You can find out names, addresses, occupations and military history. You might even uncover who was the first in your family to arrive in the United States! The U.S. Census has been conducted every 10 years since 1790. As U.S. census records aren’t released until 72 years after a census is conducted, the most recent census data available are from 1940. Begin your genealogy research there, then work your way back using details you learn to help you locate your family in earlier censuses.

Interestingly, each census posed unique questions. From the 1920 census you can find out when your ancestors became citizens. The 1910 census will tell you if a man was a veteran of the Civil War and the 1900 census will tell you the number of children a woman has had. The 2020 census won’t be released until 2092! So make sure to fill out the census form so future generations can find you.

We’re here to help you complete your current U.S. Census form and answer questions about Ancestry Library Edition. You can email a librarian at: adultservices@warrenville.com

John Wick Series (2014-2019)

Movies – If you are looking for an action-packed movie with a dose of dark humor, look no further than the John Wick series starring Keanu Reeves. Reeve’s delightfully deadpan delivery coupled with the superb fighting sequence choreography sets this movie franchise apart from others.

The first film simply titled John Wick, gives us a glimpse into John Wick’s character, a “retired” shadow assassin grieving the death of his wife. Wick is soon pulled back into the shadowy fray when an envious young thug and his lackeys break into Wick’s residence to abscond with his ride, a pristine 1969 Boss 429. In the process of this ill-advised trespass, the thug callously kills Wick’s pet puppy, a parting gift from his beloved wife. The attack is the impetus behind the resurrection of Wick’s former persona “The Babayaga” and his relentless road to vengeance. Soon it becomes clear why the criminal underground is alight with fearful whispers at his return.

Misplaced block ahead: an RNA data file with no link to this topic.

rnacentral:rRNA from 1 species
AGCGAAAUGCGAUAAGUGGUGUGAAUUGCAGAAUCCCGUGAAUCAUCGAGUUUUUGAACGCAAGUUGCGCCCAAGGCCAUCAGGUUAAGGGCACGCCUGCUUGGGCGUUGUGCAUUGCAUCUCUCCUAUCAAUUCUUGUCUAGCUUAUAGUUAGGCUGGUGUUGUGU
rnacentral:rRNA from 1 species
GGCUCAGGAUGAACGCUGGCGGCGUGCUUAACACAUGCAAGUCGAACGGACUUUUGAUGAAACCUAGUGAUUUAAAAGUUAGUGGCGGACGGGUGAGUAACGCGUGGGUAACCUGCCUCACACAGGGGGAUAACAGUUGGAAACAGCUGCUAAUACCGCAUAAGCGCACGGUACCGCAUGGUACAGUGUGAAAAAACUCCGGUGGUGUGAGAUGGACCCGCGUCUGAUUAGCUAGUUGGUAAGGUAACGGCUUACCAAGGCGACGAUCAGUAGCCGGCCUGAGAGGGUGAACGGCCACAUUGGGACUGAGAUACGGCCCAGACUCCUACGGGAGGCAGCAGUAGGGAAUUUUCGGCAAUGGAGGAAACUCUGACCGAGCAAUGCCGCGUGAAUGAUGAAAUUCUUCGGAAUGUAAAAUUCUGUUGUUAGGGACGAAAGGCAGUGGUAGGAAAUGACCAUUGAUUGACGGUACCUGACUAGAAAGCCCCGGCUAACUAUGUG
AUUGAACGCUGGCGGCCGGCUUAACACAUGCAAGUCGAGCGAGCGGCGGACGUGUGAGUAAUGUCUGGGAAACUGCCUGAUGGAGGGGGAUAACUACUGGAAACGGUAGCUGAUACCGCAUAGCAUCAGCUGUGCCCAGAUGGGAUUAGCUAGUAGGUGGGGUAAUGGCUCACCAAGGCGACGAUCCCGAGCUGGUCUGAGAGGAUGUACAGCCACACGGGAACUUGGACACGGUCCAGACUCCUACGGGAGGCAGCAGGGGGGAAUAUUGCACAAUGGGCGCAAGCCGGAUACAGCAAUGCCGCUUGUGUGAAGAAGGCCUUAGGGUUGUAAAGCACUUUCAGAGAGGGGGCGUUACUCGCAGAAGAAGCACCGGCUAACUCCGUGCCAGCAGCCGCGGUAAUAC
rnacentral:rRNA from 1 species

John Wick: Chapter 2 continues the tumultuous arc of our intrepid assassin. His trail of corpses leads the shadowy cabal of assassins and their rules-obsessed governors, the High Table, right to his doorstep. The High Table’s grip on John Wick is not easy to shake leaving him no choice but to take one last job. To complete the job Wick must break a number of important rules a big no-no in the eyes of the High Table. Naturally, when all the dust settles, Wick is designated excommunicado by the High Table. Wick is now persona non grata, stripped of all the rights and privileges offered to the rest of the cabal and with a hefty open contract on his head. Cue the storm of assassins trying to cash in on his demise.